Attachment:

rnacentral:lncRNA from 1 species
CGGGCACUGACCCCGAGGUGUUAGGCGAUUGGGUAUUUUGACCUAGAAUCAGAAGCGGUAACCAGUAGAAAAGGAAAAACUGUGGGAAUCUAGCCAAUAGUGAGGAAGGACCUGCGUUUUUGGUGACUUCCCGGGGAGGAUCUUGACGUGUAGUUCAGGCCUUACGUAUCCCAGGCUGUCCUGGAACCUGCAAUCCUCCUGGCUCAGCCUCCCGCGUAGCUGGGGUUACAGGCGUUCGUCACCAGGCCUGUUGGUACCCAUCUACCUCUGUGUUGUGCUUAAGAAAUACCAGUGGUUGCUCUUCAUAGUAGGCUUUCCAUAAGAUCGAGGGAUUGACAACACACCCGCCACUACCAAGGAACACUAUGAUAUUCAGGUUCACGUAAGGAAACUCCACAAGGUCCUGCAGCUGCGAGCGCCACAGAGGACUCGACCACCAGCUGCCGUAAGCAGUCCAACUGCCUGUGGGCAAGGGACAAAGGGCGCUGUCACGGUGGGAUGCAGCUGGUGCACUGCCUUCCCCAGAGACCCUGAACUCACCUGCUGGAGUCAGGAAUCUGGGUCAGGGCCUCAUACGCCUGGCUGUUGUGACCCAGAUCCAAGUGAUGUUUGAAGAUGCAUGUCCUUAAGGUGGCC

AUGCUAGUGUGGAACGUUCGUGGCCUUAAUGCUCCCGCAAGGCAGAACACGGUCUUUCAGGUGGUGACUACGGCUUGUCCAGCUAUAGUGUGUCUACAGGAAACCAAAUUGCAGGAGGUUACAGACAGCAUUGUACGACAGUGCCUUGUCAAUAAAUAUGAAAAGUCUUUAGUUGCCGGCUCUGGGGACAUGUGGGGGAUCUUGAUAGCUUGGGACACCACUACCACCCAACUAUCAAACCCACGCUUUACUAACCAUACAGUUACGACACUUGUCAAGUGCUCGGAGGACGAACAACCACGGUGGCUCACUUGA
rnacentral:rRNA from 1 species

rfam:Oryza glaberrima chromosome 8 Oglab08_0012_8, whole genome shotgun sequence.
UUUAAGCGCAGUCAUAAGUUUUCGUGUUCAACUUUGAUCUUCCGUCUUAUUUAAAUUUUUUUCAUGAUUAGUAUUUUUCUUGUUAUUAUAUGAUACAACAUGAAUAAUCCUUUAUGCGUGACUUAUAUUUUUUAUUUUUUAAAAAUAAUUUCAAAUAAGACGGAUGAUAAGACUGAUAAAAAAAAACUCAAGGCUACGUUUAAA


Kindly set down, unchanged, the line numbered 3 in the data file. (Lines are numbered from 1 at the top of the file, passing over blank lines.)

AUGCUAGUGUGGAACGUUCGUGGCCUUAAUGCUCCCGCAAGGCAGAACACGGUCUUUCAGGUGGUGACUACGGCUUGUCCAGCUAUAGUGUGUCUACAGGAAACCAAAUUGCAGGAGGUUACAGACAGCAUUGUACGACAGUGCCUUGUCAAUAAAUAUGAAAAGUCUUUAGUUGCCGGCUCUGGGGACAUGUGGGGGAUCUUGAUAGCUUGGGACACCACUACCACCCAACUAUCAAACCCACGCUUUACUAACCAUACAGUUACGACACUUGUCAAGUGCUCGGAGGACGAACAACCACGGUGGCUCACUUGA